Asian stocks rose this week, sending the regional benchmark index to its longest-ever streak of weekly gains, as U.S. economic reports and signs of policy easing in China buoyed the outlook for Asian earnings.
Shui On Land Ltd. (272) led Chinese developers higher on speculation more cities will attempt to lower restrictions on the property market amid signs the economy is gaining strength. Alibaba.com Ltd., China’s biggest e-commerce website, jumped 43 percent after its parent offered to privatize the company. The TSE Second Section Price Index (TSE2) of smaller Tokyo listed companies completed its longest streak of advances since 1961, led by Kagetsuenkanko Co., a hotel and resort manager, which soared 174 percent this week.
The MSCI Asia Pacific Index (MXAP) rose 0.8 percent to 127.97, capping its 10th week of advance, the longest such streak since its inception in 1988. The rally, which has taken the gauge to within 1 percent of entering a so-called bull market, was powered by optimism Europe will contain its sovereign-debt crisis, bets China will ease monetary policy and signs the U.S. economy is improving.
“If you can get better data on employment and housing, I think investors will be comfortable the recovery in the U.S. this time around has a better chance of surviving and thriving,” said Prasad Patkar, who helps manage about $1 billion at Platypus Asset Management Ltd. in Sydney. “Improved risk appetite and improving economic fundamentals will create a catalyst that’s been lacking despite attractive valuations across a number of risk assets.”
Japan’s Nikkei 225 Stock Average (NKY) rose 2.8 percent, for a third week of gains. South Korea’s Kospi Index slipped 0.2 percent.
Australia’s S&P/ASX 200 Index gained 2.6 percent, led by OneSteel Ltd., which jumped 38 percent after saying it will refocus its business toward iron ore. Casino operator Echo Entertainment Group Ltd. (EGP), which climbed 19 percent, had the Australian gauge’s third-biggest advance after Crown Ltd. doubled its stake in the company to 10 percent and sought regulatory approval to buy more.
China’s Shanghai Composite Index (SHCOMP) rose 3.5 percent. Chinese developers advanced after the Conference Board’s gauge of leading indicators for the world’s second-largest economy gained 1.6 percent last month after rising 0.8 percent in December. The nation’s central bank on Feb. 18 announced the second cut in bank reserve requirements in three months as policy makers step up efforts to boost liquidity and sustain growth.
Shui On, Agile
Shui On climbed 16 percent to HK$3.45. China Vanke Co. (000002), the country’s largest-listed developer, jumped 9.2 percent in the southern city of Shenzhen. Agile Property Holdings Ltd. (3383) surged 15 percent in Hong Kong. Hong Kong’s Hang Seng Index (HSI) slipped 0.4 percent, snapping a seven-week streak of gains. percent to 8.87 yuan.
Shanghai, China’s biggest commercial city, will implement differentiated taxation and mortgage policies for home buyers and will have increased affordable housing by 1 million units by 2015, according to a five-year housing plan posted on the city government’s website on Feb. 22. The Shanghai government also said this week it will allow some residence permit holders to buy second homes by loosening the definition of locals.
“The rally carried on as property easing signals from local governments loomed,” said Dai Fang, a Shanghai-based analyst at Zheshang Securities.
Cathay Pacific Airways Ltd., Hong Kong’s biggest carrier slipped 7.7 percent to HK$14.72. Cosco Pacific Ltd. (1199) a port operator which own Greece’s Piraeus Port, dropped 8.1 percent to HK$11.58 as oil prices at a 9-month high tempered optimism from a deal to help the European country avoid default.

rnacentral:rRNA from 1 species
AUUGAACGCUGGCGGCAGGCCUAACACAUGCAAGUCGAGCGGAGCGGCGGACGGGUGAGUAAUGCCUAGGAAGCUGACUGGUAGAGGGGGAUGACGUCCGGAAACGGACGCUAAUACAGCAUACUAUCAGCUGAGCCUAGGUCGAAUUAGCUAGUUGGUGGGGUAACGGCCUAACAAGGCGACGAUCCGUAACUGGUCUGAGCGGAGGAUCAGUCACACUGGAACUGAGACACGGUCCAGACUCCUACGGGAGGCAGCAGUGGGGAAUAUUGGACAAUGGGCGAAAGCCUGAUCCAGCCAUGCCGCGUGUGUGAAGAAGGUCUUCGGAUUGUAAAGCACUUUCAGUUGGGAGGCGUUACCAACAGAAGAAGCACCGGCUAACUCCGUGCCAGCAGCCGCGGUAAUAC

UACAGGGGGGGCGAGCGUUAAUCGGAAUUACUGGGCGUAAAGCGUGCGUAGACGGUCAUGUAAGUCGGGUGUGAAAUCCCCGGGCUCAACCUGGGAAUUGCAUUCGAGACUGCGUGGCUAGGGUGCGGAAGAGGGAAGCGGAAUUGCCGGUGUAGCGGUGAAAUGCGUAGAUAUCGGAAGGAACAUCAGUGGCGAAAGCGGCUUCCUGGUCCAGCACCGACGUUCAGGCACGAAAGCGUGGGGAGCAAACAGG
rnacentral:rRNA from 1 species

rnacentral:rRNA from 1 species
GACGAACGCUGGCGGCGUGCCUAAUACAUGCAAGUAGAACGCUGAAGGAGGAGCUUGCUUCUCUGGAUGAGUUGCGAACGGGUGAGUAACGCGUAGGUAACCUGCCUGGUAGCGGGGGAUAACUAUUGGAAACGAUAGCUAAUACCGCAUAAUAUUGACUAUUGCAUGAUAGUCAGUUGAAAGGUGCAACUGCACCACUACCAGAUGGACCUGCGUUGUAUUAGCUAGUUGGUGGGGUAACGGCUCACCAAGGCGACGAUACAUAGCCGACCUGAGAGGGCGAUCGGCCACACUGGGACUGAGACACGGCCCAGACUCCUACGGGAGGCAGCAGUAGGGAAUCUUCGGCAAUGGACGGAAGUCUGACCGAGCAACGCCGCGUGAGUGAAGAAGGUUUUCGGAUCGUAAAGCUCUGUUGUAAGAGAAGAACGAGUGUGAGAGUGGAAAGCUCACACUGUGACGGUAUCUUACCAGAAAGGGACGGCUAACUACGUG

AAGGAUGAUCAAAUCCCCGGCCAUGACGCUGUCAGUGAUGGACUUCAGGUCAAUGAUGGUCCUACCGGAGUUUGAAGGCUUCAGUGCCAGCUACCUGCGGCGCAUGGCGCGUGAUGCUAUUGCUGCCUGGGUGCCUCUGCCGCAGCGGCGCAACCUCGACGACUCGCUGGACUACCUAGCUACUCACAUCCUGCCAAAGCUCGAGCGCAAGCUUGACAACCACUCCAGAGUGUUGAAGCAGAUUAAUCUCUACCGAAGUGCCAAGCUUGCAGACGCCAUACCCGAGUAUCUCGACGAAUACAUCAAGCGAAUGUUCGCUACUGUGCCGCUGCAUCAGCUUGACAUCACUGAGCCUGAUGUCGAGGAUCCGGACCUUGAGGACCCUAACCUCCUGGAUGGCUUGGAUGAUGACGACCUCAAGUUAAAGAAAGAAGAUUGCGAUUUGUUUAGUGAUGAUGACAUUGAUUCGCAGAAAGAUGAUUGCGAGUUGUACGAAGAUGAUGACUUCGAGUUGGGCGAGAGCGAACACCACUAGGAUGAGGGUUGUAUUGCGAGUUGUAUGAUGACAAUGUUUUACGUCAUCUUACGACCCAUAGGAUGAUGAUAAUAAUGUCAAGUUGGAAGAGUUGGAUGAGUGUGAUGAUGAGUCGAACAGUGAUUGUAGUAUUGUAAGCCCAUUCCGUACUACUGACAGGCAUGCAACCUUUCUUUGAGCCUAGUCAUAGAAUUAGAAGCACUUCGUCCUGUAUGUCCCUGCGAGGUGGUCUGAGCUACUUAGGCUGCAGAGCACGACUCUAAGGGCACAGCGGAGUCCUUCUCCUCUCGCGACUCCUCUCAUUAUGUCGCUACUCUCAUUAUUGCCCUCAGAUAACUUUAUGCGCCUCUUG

Crude oil for April delivery gained 6.3 percent to $109.77 a barrel this week on the New York Mercantile Exchange, touching the highest level since May 3. The rally propelled energy companies higher but dragged transport-related shares lower.
Inpex Corp. (1605) gained 9.4 percent to 603,000 yen in Tokyo, while Woodside Petroleum Ltd. (WPL), Australia’s No. 2 oil producer, climbed 8.4 percent to A$37.86.
Applications for U.S. unemployment insurance benefits were unchanged in the week ended Feb. 18 at 351,000, the fewest since March 2008, Labor Department figures showed Feb. 23. The Bloomberg Consumer Comfort Index rose to minus 38.4 in the week to Feb. 19, the strongest reading since April 2008.
Japan Small Caps
Sony Corp. (6758), Japan’s leading exporter of consumer electronics, increased 7.2 percent to 1,740 yen. Li & Fung Ltd. (494), the biggest supplier to Wal-Mart Stores Inc., climbed 1.2 percent to HK$18. Man Wah Holdings Ltd., the Hong Kong sofa maker that gets 54 percent of sales in the U.S. surged 11 percent to HK$5.70.
Kagetsuenkanko surged 174 percent this week to 115 yen, the biggest increase on Tokyo’s second-section gauge. The stock has risen 311 percent since Jan. 16.
The smaller companies index has climbed 11 percent during the streak. Still, stocks in the measure trade at about 0.7 times the value of their net assets compared with 1.2 times for the Topix Index (TPX) of Tokyo’s biggest companies.
Four stimulus packages totaling 21 trillion yen have fueled demand and lifted shares of companies that rely on the domestic economy, such as regional lender Kirayaka Bank Ltd. and Delica Foods Co. Japan’s retail sales rose in December by the most in 16 months, boosting prospects for second section firms, more than a third of which cater to consumers.
“The biggest factor supporting domestic-focused shares is reconstruction demand,” said Masaru Hamasaki, who helps oversee the equivalent $24 billion as chief strategist at Toyota Asset Management Co. in Tokyo. “Recent gains are mainly driven by an adjustment in valuations as investors recognize how cheap these shares are.”
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